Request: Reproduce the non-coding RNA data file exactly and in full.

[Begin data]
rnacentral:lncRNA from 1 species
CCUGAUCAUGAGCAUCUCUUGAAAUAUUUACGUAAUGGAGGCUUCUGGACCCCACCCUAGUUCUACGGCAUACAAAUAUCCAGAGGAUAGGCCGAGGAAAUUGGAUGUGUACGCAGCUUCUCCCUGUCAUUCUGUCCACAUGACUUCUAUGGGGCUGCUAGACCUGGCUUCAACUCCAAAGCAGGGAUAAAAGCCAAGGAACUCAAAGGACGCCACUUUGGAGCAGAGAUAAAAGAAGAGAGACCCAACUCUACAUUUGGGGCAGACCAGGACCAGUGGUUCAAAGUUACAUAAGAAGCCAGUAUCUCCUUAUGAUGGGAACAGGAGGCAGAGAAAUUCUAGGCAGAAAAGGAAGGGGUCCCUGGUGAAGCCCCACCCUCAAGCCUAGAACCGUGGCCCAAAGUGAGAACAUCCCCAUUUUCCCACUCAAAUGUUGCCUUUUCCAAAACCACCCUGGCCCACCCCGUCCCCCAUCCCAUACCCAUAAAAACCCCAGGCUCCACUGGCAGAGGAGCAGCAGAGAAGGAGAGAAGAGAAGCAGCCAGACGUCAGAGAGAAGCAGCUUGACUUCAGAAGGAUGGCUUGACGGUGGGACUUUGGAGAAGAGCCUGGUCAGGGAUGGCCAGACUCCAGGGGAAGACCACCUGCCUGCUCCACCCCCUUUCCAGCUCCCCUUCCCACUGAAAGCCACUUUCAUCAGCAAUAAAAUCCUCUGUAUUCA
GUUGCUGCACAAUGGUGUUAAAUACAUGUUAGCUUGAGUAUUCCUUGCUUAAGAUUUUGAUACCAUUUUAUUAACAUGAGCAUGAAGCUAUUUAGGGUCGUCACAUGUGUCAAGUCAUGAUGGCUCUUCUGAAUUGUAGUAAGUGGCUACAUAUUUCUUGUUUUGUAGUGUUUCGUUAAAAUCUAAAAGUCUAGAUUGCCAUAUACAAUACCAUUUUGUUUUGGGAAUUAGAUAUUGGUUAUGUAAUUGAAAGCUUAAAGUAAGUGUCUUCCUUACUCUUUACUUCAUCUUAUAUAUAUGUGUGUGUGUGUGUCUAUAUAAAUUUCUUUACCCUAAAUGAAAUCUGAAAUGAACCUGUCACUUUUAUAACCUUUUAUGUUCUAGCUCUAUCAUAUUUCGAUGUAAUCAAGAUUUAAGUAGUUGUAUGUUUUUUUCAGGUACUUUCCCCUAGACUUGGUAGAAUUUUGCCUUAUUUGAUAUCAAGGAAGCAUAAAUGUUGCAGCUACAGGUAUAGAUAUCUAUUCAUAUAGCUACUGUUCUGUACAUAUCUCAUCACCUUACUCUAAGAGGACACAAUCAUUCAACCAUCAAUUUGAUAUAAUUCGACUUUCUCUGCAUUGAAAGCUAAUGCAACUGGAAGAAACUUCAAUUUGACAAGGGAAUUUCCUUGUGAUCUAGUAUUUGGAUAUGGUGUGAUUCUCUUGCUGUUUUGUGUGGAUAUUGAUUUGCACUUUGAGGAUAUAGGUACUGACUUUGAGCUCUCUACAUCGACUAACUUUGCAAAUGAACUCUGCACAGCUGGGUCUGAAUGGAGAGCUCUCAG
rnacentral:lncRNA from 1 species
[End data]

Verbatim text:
rnacentral:lncRNA from 1 species
CCUGAUCAUGAGCAUCUCUUGAAAUAUUUACGUAAUGGAGGCUUCUGGACCCCACCCUAGUUCUACGGCAUACAAAUAUCCAGAGGAUAGGCCGAGGAAAUUGGAUGUGUACGCAGCUUCUCCCUGUCAUUCUGUCCACAUGACUUCUAUGGGGCUGCUAGACCUGGCUUCAACUCCAAAGCAGGGAUAAAAGCCAAGGAACUCAAAGGACGCCACUUUGGAGCAGAGAUAAAAGAAGAGAGACCCAACUCUACAUUUGGGGCAGACCAGGACCAGUGGUUCAAAGUUACAUAAGAAGCCAGUAUCUCCUUAUGAUGGGAACAGGAGGCAGAGAAAUUCUAGGCAGAAAAGGAAGGGGUCCCUGGUGAAGCCCCACCCUCAAGCCUAGAACCGUGGCCCAAAGUGAGAACAUCCCCAUUUUCCCACUCAAAUGUUGCCUUUUCCAAAACCACCCUGGCCCACCCCGUCCCCCAUCCCAUACCCAUAAAAACCCCAGGCUCCACUGGCAGAGGAGCAGCAGAGAAGGAGAGAAGAGAAGCAGCCAGACGUCAGAGAGAAGCAGCUUGACUUCAGAAGGAUGGCUUGACGGUGGGACUUUGGAGAAGAGCCUGGUCAGGGAUGGCCAGACUCCAGGGGAAGACCACCUGCCUGCUCCACCCCCUUUCCAGCUCCCCUUCCCACUGAAAGCCACUUUCAUCAGCAAUAAAAUCCUCUGUAUUCA
GUUGCUGCACAAUGGUGUUAAAUACAUGUUAGCUUGAGUAUUCCUUGCUUAAGAUUUUGAUACCAUUUUAUUAACAUGAGCAUGAAGCUAUUUAGGGUCGUCACAUGUGUCAAGUCAUGAUGGCUCUUCUGAAUUGUAGUAAGUGGCUACAUAUUUCUUGUUUUGUAGUGUUUCGUUAAAAUCUAAAAGUCUAGAUUGCCAUAUACAAUACCAUUUUGUUUUGGGAAUUAGAUAUUGGUUAUGUAAUUGAAAGCUUAAAGUAAGUGUCUUCCUUACUCUUUACUUCAUCUUAUAUAUAUGUGUGUGUGUGUGUCUAUAUAAAUUUCUUUACCCUAAAUGAAAUCUGAAAUGAACCUGUCACUUUUAUAACCUUUUAUGUUCUAGCUCUAUCAUAUUUCGAUGUAAUCAAGAUUUAAGUAGUUGUAUGUUUUUUUCAGGUACUUUCCCCUAGACUUGGUAGAAUUUUGCCUUAUUUGAUAUCAAGGAAGCAUAAAUGUUGCAGCUACAGGUAUAGAUAUCUAUUCAUAUAGCUACUGUUCUGUACAUAUCUCAUCACCUUACUCUAAGAGGACACAAUCAUUCAACCAUCAAUUUGAUAUAAUUCGACUUUCUCUGCAUUGAAAGCUAAUGCAACUGGAAGAAACUUCAAUUUGACAAGGGAAUUUCCUUGUGAUCUAGUAUUUGGAUAUGGUGUGAUUCUCUUGCUGUUUUGUGUGGAUAUUGAUUUGCACUUUGAGGAUAUAGGUACUGACUUUGAGCUCUCUACAUCGACUAACUUUGCAAAUGAACUCUGCACAGCUGGGUCUGAAUGGAGAGCUCUCAG
rnacentral:lncRNA from 1 species